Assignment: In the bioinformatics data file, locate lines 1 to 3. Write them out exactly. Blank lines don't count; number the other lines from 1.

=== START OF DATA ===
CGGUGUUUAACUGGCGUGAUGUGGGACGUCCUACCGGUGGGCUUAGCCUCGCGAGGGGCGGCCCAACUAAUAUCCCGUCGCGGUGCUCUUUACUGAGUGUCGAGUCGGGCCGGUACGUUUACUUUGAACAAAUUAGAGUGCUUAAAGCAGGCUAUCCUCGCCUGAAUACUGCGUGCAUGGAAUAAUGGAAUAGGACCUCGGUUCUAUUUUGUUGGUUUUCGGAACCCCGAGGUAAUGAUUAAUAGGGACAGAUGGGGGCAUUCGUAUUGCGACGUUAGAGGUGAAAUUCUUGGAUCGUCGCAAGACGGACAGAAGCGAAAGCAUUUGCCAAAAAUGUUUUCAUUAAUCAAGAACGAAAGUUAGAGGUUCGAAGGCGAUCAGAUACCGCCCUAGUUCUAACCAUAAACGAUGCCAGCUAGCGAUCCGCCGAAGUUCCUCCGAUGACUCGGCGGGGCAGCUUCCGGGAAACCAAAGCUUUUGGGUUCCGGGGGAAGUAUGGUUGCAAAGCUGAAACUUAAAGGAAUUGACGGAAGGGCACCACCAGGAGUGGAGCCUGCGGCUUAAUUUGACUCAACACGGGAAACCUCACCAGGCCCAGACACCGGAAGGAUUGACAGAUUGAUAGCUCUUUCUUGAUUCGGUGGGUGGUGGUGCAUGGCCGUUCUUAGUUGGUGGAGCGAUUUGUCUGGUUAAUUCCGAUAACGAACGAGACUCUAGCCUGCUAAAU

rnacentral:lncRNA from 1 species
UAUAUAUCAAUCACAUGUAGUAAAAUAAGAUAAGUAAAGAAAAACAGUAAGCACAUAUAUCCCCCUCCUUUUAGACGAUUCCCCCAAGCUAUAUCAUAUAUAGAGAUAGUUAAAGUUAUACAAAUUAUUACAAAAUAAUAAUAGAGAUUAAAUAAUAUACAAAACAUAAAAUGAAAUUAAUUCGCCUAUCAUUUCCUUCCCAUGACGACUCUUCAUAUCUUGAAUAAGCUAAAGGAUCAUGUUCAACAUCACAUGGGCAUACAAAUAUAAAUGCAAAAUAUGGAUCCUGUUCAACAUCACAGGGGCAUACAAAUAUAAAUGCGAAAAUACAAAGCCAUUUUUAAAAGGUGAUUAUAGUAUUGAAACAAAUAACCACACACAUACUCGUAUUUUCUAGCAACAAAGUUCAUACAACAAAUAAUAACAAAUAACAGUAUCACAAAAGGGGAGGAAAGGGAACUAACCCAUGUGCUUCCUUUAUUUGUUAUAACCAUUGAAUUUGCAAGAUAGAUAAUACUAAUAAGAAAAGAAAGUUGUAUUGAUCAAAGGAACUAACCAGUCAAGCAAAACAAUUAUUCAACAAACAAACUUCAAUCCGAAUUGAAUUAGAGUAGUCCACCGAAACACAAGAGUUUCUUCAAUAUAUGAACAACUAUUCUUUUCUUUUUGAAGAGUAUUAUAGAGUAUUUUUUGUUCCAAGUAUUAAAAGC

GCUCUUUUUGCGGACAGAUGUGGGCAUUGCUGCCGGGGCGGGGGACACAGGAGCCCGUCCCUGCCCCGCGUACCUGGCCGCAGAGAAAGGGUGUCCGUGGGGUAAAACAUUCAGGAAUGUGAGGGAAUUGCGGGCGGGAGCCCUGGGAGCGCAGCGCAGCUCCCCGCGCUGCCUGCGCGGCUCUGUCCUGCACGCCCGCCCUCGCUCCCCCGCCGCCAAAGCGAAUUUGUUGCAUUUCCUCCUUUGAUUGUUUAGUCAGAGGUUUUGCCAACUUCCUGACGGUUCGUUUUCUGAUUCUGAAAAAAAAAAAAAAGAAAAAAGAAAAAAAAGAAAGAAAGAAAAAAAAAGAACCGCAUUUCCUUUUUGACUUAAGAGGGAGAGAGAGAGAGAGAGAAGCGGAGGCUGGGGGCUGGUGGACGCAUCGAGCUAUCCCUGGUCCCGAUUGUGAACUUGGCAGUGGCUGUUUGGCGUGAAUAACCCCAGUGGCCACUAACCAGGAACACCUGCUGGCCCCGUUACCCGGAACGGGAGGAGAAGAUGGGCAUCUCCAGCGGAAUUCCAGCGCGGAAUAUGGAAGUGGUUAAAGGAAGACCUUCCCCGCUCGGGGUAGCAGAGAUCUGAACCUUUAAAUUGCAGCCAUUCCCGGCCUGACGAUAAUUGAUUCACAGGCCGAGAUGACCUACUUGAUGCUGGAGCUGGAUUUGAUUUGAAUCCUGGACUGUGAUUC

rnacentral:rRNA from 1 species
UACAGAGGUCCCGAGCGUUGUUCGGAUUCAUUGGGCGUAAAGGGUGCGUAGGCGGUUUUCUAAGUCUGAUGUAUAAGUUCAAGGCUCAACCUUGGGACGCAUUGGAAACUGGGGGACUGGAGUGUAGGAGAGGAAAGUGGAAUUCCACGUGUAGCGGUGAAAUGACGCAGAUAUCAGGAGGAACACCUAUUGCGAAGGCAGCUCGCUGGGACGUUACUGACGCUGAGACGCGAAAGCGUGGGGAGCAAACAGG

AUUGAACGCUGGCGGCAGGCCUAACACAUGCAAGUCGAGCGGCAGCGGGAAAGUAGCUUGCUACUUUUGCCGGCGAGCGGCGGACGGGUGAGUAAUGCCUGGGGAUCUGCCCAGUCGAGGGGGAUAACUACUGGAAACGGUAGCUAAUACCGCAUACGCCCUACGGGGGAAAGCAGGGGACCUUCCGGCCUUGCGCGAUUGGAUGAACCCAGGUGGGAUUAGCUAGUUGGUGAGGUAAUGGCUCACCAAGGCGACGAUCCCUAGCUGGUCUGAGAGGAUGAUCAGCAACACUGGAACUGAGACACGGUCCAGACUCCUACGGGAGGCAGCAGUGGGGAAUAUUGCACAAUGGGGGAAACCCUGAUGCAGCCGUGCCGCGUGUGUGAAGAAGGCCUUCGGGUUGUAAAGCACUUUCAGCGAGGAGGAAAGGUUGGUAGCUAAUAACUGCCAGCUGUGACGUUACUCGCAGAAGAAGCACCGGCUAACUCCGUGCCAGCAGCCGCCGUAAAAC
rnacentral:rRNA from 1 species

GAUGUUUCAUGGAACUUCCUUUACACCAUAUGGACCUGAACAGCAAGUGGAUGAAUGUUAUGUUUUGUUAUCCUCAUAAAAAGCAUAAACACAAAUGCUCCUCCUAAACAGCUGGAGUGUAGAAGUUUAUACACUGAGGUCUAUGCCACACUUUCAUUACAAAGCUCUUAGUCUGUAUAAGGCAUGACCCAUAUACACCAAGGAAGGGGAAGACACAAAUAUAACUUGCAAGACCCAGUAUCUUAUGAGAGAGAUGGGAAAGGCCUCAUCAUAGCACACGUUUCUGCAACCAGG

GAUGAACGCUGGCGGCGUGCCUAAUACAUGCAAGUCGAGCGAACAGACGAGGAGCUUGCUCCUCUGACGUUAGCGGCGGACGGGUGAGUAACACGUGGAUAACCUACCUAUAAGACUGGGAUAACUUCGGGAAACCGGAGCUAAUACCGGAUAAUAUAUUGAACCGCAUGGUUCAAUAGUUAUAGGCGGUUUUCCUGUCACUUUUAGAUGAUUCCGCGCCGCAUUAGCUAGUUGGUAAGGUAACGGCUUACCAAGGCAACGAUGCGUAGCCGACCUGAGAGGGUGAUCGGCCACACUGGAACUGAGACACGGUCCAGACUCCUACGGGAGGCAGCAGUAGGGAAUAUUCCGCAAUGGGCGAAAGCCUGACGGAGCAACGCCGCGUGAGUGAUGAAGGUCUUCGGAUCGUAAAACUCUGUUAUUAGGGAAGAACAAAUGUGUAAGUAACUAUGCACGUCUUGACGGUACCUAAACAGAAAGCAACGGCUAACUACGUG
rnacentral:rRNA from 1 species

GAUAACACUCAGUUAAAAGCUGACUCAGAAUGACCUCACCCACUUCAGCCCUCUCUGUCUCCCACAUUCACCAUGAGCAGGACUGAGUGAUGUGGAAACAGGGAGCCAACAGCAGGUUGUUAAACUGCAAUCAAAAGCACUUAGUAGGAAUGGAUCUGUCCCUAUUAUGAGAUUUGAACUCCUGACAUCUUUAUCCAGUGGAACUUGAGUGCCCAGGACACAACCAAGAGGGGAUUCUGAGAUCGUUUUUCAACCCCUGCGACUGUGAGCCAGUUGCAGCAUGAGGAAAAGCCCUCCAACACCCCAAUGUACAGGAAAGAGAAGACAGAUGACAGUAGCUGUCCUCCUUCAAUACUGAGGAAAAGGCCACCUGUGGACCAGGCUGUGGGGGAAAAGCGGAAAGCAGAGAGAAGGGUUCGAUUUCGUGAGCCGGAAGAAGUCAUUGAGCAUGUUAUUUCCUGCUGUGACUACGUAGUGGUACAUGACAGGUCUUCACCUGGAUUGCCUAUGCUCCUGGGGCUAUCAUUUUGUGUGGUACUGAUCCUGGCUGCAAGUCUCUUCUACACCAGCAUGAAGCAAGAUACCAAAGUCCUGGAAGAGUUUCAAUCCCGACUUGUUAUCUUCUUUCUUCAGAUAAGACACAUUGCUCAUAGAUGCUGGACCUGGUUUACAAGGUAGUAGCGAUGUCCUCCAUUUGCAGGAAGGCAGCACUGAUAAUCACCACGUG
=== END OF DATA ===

CGGUGUUUAACUGGCGUGAUGUGGGACGUCCUACCGGUGGGCUUAGCCUCGCGAGGGGCGGCCCAACUAAUAUCCCGUCGCGGUGCUCUUUACUGAGUGUCGAGUCGGGCCGGUACGUUUACUUUGAACAAAUUAGAGUGCUUAAAGCAGGCUAUCCUCGCCUGAAUACUGCGUGCAUGGAAUAAUGGAAUAGGACCUCGGUUCUAUUUUGUUGGUUUUCGGAACCCCGAGGUAAUGAUUAAUAGGGACAGAUGGGGGCAUUCGUAUUGCGACGUUAGAGGUGAAAUUCUUGGAUCGUCGCAAGACGGACAGAAGCGAAAGCAUUUGCCAAAAAUGUUUUCAUUAAUCAAGAACGAAAGUUAGAGGUUCGAAGGCGAUCAGAUACCGCCCUAGUUCUAACCAUAAACGAUGCCAGCUAGCGAUCCGCCGAAGUUCCUCCGAUGACUCGGCGGGGCAGCUUCCGGGAAACCAAAGCUUUUGGGUUCCGGGGGAAGUAUGGUUGCAAAGCUGAAACUUAAAGGAAUUGACGGAAGGGCACCACCAGGAGUGGAGCCUGCGGCUUAAUUUGACUCAACACGGGAAACCUCACCAGGCCCAGACACCGGAAGGAUUGACAGAUUGAUAGCUCUUUCUUGAUUCGGUGGGUGGUGGUGCAUGGCCGUUCUUAGUUGGUGGAGCGAUUUGUCUGGUUAAUUCCGAUAACGAACGAGACUCUAGCCUGCUAAAU

rnacentral:lncRNA from 1 species
UAUAUAUCAAUCACAUGUAGUAAAAUAAGAUAAGUAAAGAAAAACAGUAAGCACAUAUAUCCCCCUCCUUUUAGACGAUUCCCCCAAGCUAUAUCAUAUAUAGAGAUAGUUAAAGUUAUACAAAUUAUUACAAAAUAAUAAUAGAGAUUAAAUAAUAUACAAAACAUAAAAUGAAAUUAAUUCGCCUAUCAUUUCCUUCCCAUGACGACUCUUCAUAUCUUGAAUAAGCUAAAGGAUCAUGUUCAACAUCACAUGGGCAUACAAAUAUAAAUGCAAAAUAUGGAUCCUGUUCAACAUCACAGGGGCAUACAAAUAUAAAUGCGAAAAUACAAAGCCAUUUUUAAAAGGUGAUUAUAGUAUUGAAACAAAUAACCACACACAUACUCGUAUUUUCUAGCAACAAAGUUCAUACAACAAAUAAUAACAAAUAACAGUAUCACAAAAGGGGAGGAAAGGGAACUAACCCAUGUGCUUCCUUUAUUUGUUAUAACCAUUGAAUUUGCAAGAUAGAUAAUACUAAUAAGAAAAGAAAGUUGUAUUGAUCAAAGGAACUAACCAGUCAAGCAAAACAAUUAUUCAACAAACAAACUUCAAUCCGAAUUGAAUUAGAGUAGUCCACCGAAACACAAGAGUUUCUUCAAUAUAUGAACAACUAUUCUUUUCUUUUUGAAGAGUAUUAUAGAGUAUUUUUUGUUCCAAGUAUUAAAAGC